Mets’ Prospect Gerson Bautista is Showing His Potential

By Tim Ryder

March 7, 2018 14 Comments

Gerson Bautista was acquired from the Boston Red Sox in the Addison Reed trade last July (Jamie Callahan and Stephen Nogosek were the other players the Mets received).

A native of San Juan, DR, Bautista, has shown a lot of promise this spring and looks to be the early-headliner in the return Sandy Alderson got in return for Reed.

Bautista, 22, was originally a starting pitcher in the Red Sox’ minor-league system. In 2014 as a member of the Sox’ Dominican Summer League team, he made 12 starts (61 IP), pitching to a 1.03 ERA with a 0.951 WHIP. His next season was mostly more of the same, with dips in production coming in very small levels in a few statistical categories.

In the Gulf Coast League in 2015, in 11 starts he had a 2.77 ERA and 1.212 WHIP. Again, these are slight jumps up in his numbers from the previous season, but with the increase in talent in comparison to the Dominican Summer League, this had to be somewhat expected.

It was in 2016 between two levels of MiLB (Single-A Greenville & Low-A Lowell) when Boston turned Bautista into a full-time reliever, and boy did they make a wise decision there. Over his 23 appearances in 2016, his ERA was an efficient 2.55 ERA with a WHIP of 1.075.

His increases in K/9 and SO/W ratio were significant. His K/9 increased from 4.7 in ’14 to 7.1 in ’15, then it shot up to 9.2 his first year in the bullpen. Same goes for his SO/W’s (1.52, 1.52, 2.77).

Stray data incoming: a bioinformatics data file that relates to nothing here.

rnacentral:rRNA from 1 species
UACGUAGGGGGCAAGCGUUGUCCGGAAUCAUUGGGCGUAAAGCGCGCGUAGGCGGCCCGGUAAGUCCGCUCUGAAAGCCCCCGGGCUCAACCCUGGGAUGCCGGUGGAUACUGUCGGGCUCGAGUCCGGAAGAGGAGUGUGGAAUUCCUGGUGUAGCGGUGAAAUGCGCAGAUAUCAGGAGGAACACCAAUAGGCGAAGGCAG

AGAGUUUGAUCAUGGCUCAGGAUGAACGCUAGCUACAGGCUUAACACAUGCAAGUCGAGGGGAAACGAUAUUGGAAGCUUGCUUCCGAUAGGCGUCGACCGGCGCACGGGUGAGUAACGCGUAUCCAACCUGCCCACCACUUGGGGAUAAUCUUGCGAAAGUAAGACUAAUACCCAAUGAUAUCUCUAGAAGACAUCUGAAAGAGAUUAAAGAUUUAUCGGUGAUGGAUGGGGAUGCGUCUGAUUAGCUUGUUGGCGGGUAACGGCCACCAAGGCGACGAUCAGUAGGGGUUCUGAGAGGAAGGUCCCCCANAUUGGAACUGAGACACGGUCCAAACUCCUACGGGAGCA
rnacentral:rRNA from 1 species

He faltered a bit at the beginning of last season in High-A Salem (27 appearances, 5.16 ERA, 1.89 SO/W), though his K/9 numbers jumped up once again to 10.5. Once he was traded to the Mets in July, he was sent to High-A Port St. Lucie and flourished.

In 10 relief appearances, Bautista pitched to a sparkling 1.26 ERA with a 0.907 WHIP and K/9 and SO/W numbers of 12.6 and 6.67, respectively. So far this spring, in four Grapefruit League appearances, Gerson Bautista has pitched to a 1.93 ERA with an impressive 1.07 WHIP.

Imagine one day fitting this overpowering, he sits 97/98 MPH and has hit 101, young righty somewhere behind Jeurys Familia or as a righty-on-righty (righties had a .258 average against him last season, but his BABIP against them was also .381, so he could be due for some good luck).

Any kinks that need to be worked out should all be completed tasks by the time he makes his MLB debut. I personally can’t wait to watch this young man’s development over the next season or two.